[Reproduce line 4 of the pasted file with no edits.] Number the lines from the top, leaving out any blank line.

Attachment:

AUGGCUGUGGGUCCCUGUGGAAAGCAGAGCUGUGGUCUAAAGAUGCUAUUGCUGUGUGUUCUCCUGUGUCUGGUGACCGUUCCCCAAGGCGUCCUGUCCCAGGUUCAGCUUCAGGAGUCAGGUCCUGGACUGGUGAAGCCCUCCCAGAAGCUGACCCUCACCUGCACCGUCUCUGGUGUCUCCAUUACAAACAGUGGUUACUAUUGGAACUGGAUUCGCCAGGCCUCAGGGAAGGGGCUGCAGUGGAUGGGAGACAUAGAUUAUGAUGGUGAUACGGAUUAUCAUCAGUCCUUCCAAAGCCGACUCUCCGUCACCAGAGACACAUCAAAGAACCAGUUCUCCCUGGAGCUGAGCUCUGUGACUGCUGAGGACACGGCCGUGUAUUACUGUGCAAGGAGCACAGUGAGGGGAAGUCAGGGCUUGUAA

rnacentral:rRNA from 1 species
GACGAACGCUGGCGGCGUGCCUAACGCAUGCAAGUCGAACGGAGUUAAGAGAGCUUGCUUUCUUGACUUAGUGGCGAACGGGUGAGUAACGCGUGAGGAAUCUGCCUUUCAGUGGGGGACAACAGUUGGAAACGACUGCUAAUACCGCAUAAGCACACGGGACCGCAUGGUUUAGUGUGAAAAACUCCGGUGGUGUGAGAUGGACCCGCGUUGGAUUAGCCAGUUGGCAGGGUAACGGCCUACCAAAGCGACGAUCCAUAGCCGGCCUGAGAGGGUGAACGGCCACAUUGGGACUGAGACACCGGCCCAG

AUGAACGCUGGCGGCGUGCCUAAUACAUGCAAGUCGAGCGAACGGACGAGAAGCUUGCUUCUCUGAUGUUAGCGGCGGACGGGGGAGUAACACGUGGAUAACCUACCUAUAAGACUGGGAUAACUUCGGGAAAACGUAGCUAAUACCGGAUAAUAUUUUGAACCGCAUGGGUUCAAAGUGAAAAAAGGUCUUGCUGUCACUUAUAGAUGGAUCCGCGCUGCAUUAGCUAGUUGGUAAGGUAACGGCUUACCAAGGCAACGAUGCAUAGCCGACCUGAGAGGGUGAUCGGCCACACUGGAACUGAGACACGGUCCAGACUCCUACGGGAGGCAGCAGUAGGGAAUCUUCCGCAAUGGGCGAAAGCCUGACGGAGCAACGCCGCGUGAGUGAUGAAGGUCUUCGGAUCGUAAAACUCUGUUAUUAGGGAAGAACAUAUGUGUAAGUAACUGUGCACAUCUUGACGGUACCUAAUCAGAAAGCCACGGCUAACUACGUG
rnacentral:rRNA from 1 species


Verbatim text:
AUGAACGCUGGCGGCGUGCCUAAUACAUGCAAGUCGAGCGAACGGACGAGAAGCUUGCUUCUCUGAUGUUAGCGGCGGACGGGGGAGUAACACGUGGAUAACCUACCUAUAAGACUGGGAUAACUUCGGGAAAACGUAGCUAAUACCGGAUAAUAUUUUGAACCGCAUGGGUUCAAAGUGAAAAAAGGUCUUGCUGUCACUUAUAGAUGGAUCCGCGCUGCAUUAGCUAGUUGGUAAGGUAACGGCUUACCAAGGCAACGAUGCAUAGCCGACCUGAGAGGGUGAUCGGCCACACUGGAACUGAGACACGGUCCAGACUCCUACGGGAGGCAGCAGUAGGGAAUCUUCCGCAAUGGGCGAAAGCCUGACGGAGCAACGCCGCGUGAGUGAUGAAGGUCUUCGGAUCGUAAAACUCUGUUAUUAGGGAAGAACAUAUGUGUAAGUAACUGUGCACAUCUUGACGGUACCUAAUCAGAAAGCCACGGCUAACUACGUG